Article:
Dozens of supporters of President Donald Trump chanting “Stop the count!” descended on a vote-tallying center in Detroit on Wednesday, as Americans on both sides of the political divide vented their anger and frustration over the undecided presidential contest at scattered protests around the country.
The Detroit protests started shortly before The Associated Press declared that former Vice President Joe Biden had won Michigan.
Videos shot by local media showed angry people gathered outside the TCF Center and inside the lobby, with police officers lined up to keep them from entering the counting area. They chanted “Stop the count!” and “Stop the vote!”
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Earlier, the Republican campaign filed a suit in a bid to stop the count, demanding Michigan’s Democratic secretary of state allow in more inspectors. Trump has repeatedly insisted without evidence that there are major problems with the voting and the counting.
Michigan Attorney General Dana Nessel, a Democrat, insisted both parties and the public had been given access to the tallying “using a robust system of checks and balances to ensure that all ballots are counted fairly and accurately.”
Counting the vote in Arizona
Later on Wednesday, around 200 people flying Trump flags gathered in front of the Maricopa County elections center in Arizona.
In a situation that many likened to an episode of the successful satirical series Veep, they shouted 'Count the vote!' as rumor spread on social media that the elections board had refused to tally votes because they had been filled with permanent marker.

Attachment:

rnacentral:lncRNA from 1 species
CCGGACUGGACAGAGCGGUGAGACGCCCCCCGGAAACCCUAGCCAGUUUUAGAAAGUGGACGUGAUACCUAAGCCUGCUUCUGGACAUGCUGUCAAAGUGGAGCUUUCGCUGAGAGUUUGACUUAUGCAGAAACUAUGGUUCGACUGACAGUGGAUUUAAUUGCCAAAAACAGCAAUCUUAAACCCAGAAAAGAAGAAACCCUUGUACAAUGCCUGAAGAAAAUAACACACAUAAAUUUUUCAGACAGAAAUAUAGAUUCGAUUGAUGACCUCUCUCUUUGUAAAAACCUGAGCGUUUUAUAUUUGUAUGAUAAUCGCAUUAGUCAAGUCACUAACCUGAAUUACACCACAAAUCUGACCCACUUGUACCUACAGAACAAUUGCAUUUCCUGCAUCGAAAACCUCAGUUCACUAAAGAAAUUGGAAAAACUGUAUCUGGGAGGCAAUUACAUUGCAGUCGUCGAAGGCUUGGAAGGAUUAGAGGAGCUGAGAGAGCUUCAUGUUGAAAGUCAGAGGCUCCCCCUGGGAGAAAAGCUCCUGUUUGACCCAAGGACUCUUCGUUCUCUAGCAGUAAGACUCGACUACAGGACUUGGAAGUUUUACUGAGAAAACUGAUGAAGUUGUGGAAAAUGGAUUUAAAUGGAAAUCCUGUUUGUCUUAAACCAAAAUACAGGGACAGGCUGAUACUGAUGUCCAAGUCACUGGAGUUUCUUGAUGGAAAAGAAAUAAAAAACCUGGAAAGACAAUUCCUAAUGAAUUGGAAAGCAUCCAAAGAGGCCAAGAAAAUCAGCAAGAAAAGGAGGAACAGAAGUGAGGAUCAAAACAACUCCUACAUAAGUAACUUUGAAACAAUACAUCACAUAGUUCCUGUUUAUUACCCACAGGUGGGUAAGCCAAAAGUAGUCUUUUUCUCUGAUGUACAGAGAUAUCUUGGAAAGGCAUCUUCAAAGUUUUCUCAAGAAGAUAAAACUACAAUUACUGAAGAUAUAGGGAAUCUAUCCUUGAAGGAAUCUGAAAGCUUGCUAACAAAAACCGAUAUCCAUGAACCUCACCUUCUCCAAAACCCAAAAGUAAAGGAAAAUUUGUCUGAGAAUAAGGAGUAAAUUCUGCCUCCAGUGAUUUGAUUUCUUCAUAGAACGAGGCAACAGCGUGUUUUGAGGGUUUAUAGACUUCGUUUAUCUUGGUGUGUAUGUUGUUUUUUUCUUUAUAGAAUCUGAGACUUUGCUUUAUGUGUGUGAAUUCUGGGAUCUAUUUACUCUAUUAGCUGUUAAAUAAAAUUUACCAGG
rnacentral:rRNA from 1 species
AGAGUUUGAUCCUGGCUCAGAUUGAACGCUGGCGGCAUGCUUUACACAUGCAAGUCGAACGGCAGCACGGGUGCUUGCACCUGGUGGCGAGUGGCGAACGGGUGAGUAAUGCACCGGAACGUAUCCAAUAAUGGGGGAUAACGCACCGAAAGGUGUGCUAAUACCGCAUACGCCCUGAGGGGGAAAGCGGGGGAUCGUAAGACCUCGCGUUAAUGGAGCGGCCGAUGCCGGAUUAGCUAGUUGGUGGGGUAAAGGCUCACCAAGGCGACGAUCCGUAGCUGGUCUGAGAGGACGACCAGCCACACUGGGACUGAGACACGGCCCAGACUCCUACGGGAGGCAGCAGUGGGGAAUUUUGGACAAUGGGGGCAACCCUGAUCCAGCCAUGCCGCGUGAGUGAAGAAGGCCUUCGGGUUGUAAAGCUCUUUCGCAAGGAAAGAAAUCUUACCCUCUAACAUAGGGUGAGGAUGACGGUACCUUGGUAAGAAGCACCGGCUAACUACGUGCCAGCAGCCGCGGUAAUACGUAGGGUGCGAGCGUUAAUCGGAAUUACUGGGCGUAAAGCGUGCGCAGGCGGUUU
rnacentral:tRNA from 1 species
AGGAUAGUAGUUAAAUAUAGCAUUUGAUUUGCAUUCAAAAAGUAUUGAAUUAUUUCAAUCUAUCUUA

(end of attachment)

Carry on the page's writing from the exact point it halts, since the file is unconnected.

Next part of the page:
The count was halted while the protest went on, with armed police guarding the gates of the election center. As the vote count progressed in Maricopa, it seemed to confirm the prediction that Arizona, with its eleven electors, would go to Joe Biden.
Maricopa County had already issued a clarification earlier in the day that the use of sharpie pens did not invalidate the ballot. Authorities urged people to be patient, saying that "an accurate vote takes time."
"It's possible the results you see now may change after all the votes are counted," a letter from the chairman of the Maricopa County Board of Supervisors said. "This is evidence of democracy, not fraud."
Keeping an eye on militias
On Tuesday night, scattered protests broke after voting ended, stretching from Washington, D.C., to Seattle, but there was no widespread unrest or significant violence. Though activists demanding that vote counts proceed unimpeded rallied in several cities, including Oakland, California; Harrisburg, Pennsylvania; Atlanta; Detroit and New York City.
Anti-Trump demonstrations were also set for Wednesday evening, with protesters gathering in Houston, Minneapolis and other cities.
The Protect the Results coalition, encompassing over 130 groups from Planned Parenthood to Republicans for the Rule of Law, had said it was organizing a day of mass protests in about 500 cities nationwide. But late in the day, those plans were put on hold to allow time for a possible outcome to be determined.
U.S. officials said they have kept a wary eye on right-wing militias, worried that Trump's allegations of ballot fraud could bring heavily armed groups out onto the streets. So far, they appeared to be keeping a low profile.
Enrique Tarrio, leader of the far-right men's group Proud Boys, said he was slashed and three others stabbed early on Wednesday blocks away from the White House. One of his alleged assailants wore a "Black Lives Matter" mask, he told Reuters.
Local police said they made no arrests in the incident and could not confirm the affiliation. The Washington chapter of the anti-racism movement said on Twitter it had nothing to do with the alleged attack.